This context had me fearing for my safety every day whilst I was in east Berlin. But more importantly, do Asian migrants and Germans of Asian ancestry share this feeling on a daily basis?

'It felt like the Wall is still there'

The 9th of November, less than a month away, marks thirty years since the fall of the Berlin Wall. This event was supposed to be the first step towards a new, stronger Germany, bringing about reunification 11 months later.

A remaining stretch of the Berlin Wall at the 'East Side Gallery'. Photo: DPA

Both sides of the wall experienced different histories, with the GDR Government closing off the country from foreign influence, whilst the former West Germany accepted immigrants to empower an already strong workforce.

From my experience, the west of Berlin has gone from strength to strength and truly embodies what Germany as a whole should be. I’d notice a different atmosphere every time I entered the western part of the city, feeling immediately more comfortable. 

READ ALSO: 'Liberal, tolerant and diverse': A Pakistani's experience living in Berlin

The east of Berlin felt like a reminder of what Germany used to be. In many ways, it felt like the Wall is very much still there, we just can’t see it.

'There are people that let Germany down'

Over the years, Germany has given me some absolutely glorious people and memories. It gave me Michael Schumacher and the 24 hours of Nürburgring. It gave me Philip Lahm and Germany’s victory in the 2014 FIFA World Cup.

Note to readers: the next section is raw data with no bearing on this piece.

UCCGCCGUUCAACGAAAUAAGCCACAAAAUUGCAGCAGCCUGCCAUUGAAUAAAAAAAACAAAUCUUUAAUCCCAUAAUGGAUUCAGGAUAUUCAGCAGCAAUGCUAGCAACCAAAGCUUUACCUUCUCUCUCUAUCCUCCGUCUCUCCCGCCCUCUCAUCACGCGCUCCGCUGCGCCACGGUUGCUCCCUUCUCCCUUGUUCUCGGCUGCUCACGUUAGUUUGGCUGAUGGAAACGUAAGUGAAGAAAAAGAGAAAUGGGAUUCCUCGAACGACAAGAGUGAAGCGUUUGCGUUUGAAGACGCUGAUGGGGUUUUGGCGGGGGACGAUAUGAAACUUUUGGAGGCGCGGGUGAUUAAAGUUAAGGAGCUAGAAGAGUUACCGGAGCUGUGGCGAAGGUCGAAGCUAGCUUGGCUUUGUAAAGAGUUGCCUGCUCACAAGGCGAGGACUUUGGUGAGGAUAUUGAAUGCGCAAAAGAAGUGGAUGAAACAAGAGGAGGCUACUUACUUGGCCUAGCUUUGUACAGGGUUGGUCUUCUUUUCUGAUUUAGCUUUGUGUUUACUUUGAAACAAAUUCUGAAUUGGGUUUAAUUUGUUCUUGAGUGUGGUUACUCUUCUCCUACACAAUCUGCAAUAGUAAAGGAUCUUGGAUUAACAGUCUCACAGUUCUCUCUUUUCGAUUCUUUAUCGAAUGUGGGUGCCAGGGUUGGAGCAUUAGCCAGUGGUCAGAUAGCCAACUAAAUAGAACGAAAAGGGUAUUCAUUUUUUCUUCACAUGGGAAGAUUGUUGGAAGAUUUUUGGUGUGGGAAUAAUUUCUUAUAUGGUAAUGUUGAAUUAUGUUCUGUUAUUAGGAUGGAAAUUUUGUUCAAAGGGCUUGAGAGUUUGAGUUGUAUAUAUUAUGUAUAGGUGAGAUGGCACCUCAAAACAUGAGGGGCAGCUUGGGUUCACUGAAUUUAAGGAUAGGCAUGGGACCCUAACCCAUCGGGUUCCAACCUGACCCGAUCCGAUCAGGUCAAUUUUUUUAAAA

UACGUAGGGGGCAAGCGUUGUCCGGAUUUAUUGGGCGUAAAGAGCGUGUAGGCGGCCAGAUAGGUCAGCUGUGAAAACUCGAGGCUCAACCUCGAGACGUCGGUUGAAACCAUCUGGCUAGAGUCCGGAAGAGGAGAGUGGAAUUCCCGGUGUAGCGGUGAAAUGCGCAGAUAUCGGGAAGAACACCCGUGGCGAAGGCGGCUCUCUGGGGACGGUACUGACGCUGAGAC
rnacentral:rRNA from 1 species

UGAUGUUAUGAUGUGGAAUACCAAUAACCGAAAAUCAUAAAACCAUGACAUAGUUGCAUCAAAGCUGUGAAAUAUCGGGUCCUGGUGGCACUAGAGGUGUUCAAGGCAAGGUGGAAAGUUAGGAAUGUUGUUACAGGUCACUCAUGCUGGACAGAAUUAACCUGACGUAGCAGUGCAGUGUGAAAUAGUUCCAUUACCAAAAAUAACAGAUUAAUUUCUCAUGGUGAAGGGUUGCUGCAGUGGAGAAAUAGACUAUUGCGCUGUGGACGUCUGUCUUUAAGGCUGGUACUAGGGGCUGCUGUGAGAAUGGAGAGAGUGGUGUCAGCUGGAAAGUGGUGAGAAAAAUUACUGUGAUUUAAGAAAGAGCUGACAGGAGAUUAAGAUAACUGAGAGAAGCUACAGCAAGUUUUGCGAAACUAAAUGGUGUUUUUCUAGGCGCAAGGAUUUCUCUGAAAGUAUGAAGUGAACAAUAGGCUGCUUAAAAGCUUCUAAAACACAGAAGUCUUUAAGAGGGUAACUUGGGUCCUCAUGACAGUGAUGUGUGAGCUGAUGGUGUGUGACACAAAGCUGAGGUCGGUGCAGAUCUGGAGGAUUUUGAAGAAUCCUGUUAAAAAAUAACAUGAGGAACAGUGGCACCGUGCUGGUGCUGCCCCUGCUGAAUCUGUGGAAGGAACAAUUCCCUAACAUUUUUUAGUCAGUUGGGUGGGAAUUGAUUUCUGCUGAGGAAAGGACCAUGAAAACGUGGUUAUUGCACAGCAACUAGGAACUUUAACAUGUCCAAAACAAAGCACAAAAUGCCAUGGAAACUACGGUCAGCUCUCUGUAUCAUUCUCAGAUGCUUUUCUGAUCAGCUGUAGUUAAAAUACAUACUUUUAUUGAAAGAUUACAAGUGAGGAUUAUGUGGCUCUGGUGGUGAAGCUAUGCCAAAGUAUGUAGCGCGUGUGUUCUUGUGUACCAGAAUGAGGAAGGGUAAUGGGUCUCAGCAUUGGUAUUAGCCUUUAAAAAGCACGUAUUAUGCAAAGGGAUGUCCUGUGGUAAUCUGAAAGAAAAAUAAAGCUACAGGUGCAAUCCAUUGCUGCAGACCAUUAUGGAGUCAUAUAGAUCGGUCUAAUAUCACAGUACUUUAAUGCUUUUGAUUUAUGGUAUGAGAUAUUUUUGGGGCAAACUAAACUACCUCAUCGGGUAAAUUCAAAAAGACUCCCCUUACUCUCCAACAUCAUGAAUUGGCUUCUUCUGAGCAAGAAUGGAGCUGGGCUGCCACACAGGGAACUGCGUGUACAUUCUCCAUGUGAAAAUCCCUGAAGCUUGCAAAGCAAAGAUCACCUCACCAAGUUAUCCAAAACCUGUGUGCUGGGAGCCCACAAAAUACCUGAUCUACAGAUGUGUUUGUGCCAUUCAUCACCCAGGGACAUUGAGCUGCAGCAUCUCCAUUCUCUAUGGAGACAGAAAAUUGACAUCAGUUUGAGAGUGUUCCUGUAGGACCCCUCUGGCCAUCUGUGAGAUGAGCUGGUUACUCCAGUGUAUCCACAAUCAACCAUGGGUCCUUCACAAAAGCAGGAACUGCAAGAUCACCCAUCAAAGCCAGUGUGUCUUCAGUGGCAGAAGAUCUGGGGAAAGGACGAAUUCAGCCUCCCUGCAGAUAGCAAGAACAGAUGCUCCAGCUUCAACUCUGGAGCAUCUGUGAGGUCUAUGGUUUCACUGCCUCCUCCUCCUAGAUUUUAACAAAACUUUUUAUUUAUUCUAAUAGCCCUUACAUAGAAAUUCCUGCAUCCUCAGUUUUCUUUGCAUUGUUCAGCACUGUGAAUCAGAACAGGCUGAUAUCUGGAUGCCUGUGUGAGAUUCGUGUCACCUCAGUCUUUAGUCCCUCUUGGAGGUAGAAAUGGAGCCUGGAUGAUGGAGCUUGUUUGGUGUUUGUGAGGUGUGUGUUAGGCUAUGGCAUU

Be it architecturally, technologically or by any other algorithm you want to use to measure success, Germany almost certainly ranks high in every known category. 

I really believe it’s a superpower of the world and I am saddened that, although the vast majority of Germans aren’t corrupt or facist, there are people that really let the nation down as a whole. 

The new, post-wall Berlin is meant to be thriving, vibrant and cultured – yet, it feels only half the city is.

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Black people in Germany face ‘widespread’ racism, survey finds

In the Afrocensus, a first-of-its-kind survey charting the lived experiences of black people in Germany, the vast majority revealed they experienced 'extensive' discrimination in almost all aspects of public life.

Dr Karamba Diaby
Dr Karamba Diaby, an SPD politician and anti-racism advocate, carries out voluntary work in his constituency of Halle, Saxony-Anhalt. Photo: picture alliance/dpa/dpa-Zentralbild | Hendrik Schmidt

“The results of the Afrocensus indicate that anti-Black racism is widespread in Germany and anchored in institutions,” the authors of the new report said in a press release on Tuesday. “There is no area of life in which discrimination and racism are not extensive problems.”

Though the overwhelming majority of respondents said they had experienced discrimination at least ‘sometimes’ in almost all areas of life, housing was the area where they said they were discriminated against most often.

Just two percent of respondents to the Afrocensus said they had ‘rarely’ or ‘never’ experienced racism in the housing market, compared to more than 90 percent who said they had experienced it ‘often’ or ‘very often’.

READ ALSO: ‘Black lives need to matter in Germany’ New project to uncover racism in everyday life